Railroads Get Rolling with Remote Monitoring

The oldest form of travel since the horse and carriage, trains have been pulling their weight for centuries and continue to be a vital part of our transportation infrastructure.


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Today’s railroads work harder than ever. A growing economy and ever increasing world trade has rail traffic levels at all time highs, straining existing rail system operations beyond their capacities. Operators can still lose track of the whereabouts of a particular locomotive or train car. There is no system to enable operators to effectively monitor a diverse fleet, with forty-year-old locomotives rolling along side sleek, new high-speed bullet trains.

Railroad companies want to take advantage of the tremendous revenue opportunities that come with a strong demand for their services. To do so, they must find more efficient, reliable, safe and secure ways to stay on track. They need technologies that enable them to carefully and continuously monitor their fleet utilization, manage fuel and implement predictive maintenance to keep trains up and running.

A railroad’s primary obstacle to managing a geographically and technologically diverse mobile fleet is the lack of a common data interface. Electronic systems on board locomotives vary widely depending on their purpose, manufacturer, model and age. Each system has a unique physical interface and data protocol. Even though the information collected is similar, until now there has been no universal data format. Furthermore, there is no universal standard for data transfer using wireless network communications to collect data from onboard systems.

This is changing with the development of new products and services that provide remote monitoring information, with real-time reporting and analysis, across diverse fleets. Wi-Tronix, a company that provides technology to wirelessly monitor high-value mobile assets, understood the challenges of having diverse data formats. Focusing on mobile assets such as locomotives, haul trucks, industrial equipment and marine vessels, they made it their business to bridge the gap between the various data formats used by different manufacturers of onboard monitoring equipment. Wi-Tronix created a universal interface platform that renders system data from a wide array of onboard electronic devices into a common, standards-based data format. It is now possible to manage an entire fleet as one cohesive network blending new and old locomotives and equipment from different manufacturers.

A ruggedized computing platform, called the Wi-PU (Wireless Processing Unit) is installed on each locomotive, and taps into each onboard system. The Wi-PU includes Ethernet, USB, serial and discrete I/O connectivity in order to connect with external systems such as engine controllers, data recorders, fuel monitors, digital video recorders, remote control systems and analog sensors. Each Wi-PU is equipped with state-of-the-art wireless technologies and an embedded Global Positioning System (GPS) module, which includes Differential GPS (DGPS) correction and can locate a mobile asset to within 3 meters.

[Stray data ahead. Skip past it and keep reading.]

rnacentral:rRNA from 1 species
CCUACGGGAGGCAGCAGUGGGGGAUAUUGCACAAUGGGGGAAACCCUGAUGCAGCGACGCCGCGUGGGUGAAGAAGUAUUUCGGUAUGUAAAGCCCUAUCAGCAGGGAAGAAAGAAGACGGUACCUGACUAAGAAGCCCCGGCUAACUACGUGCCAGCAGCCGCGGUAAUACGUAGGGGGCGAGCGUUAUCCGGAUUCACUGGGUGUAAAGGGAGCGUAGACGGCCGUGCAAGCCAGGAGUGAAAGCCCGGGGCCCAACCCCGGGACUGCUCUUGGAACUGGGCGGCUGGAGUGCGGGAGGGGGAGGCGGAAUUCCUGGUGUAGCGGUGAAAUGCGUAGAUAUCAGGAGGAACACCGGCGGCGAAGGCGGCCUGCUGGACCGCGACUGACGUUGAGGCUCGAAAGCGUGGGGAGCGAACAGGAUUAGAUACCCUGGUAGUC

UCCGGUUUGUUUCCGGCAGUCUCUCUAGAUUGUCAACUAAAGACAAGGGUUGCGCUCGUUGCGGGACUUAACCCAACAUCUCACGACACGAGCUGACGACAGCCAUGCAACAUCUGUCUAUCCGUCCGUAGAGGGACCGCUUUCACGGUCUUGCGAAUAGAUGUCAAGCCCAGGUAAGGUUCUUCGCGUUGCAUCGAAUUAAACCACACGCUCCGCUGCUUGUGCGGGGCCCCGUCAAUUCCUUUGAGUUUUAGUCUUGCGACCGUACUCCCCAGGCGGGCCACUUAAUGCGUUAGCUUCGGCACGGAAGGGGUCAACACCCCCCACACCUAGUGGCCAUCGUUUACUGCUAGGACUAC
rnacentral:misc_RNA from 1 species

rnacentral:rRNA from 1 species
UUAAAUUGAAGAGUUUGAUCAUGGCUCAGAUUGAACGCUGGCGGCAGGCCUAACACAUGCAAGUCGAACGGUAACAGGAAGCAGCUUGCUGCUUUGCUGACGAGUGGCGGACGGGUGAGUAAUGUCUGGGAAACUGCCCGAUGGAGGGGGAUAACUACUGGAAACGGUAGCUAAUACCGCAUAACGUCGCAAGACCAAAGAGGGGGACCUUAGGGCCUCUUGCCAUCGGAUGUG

To exchange data and control information between the Wi-PU on board a mobile asset and the remote tracking applications, a robust, real-time messaging architecture was needed that would serve as a universal foundation for current and future applications. A commercial-off-the-shelf, industry standard solution from Real-Time Innovations (RTI) enabled getting to market within five months.

RTI provides high-performance messaging middleware based on the Object Management Group’s (OMG) Data Distribution Service standard. The DDS implements a publish-subscribe model for sending and receiving data, events and commands among the nodes. Applications that produce information create topics, for example “Temperature” or “Location,” and publish samples associated with that topic. The Data Distribution Service (DDS) delivers each sample to all subscribers that declare an interest in that topic. The DDS publish-subscribe model virtually eliminates complex network programming for distributed applications. It also supports mechanisms that go beyond the basic publish-subscribe model including support for a variety of hardware and operating systems.

The key benefit is that applications that use DDS for their communications are entirely decoupled. Very little design time has to be spent on how to handle their mutual interactions. In particular, the applications never need information about the other participating applications, including their existence or locations. DDS automatically handles all aspects of message delivery, without requiring any intervention from the user applications, including determining who should receive the messages; where recipients are located; and what happens if messages cannot be delivered. Thus, new nodes can be added at anytime and will be able to send and receive messages from existing nodes.

Perhaps its most important capability, the DDS provides Quality of Service (QoS) properties for controlling the data flow. The QoS can be set to ensure that each application has the most current data available, enabling real-time analysis and notification of events. With the availability of real-time data, an operator can take corrective action when a problem occurs instead of after the fact.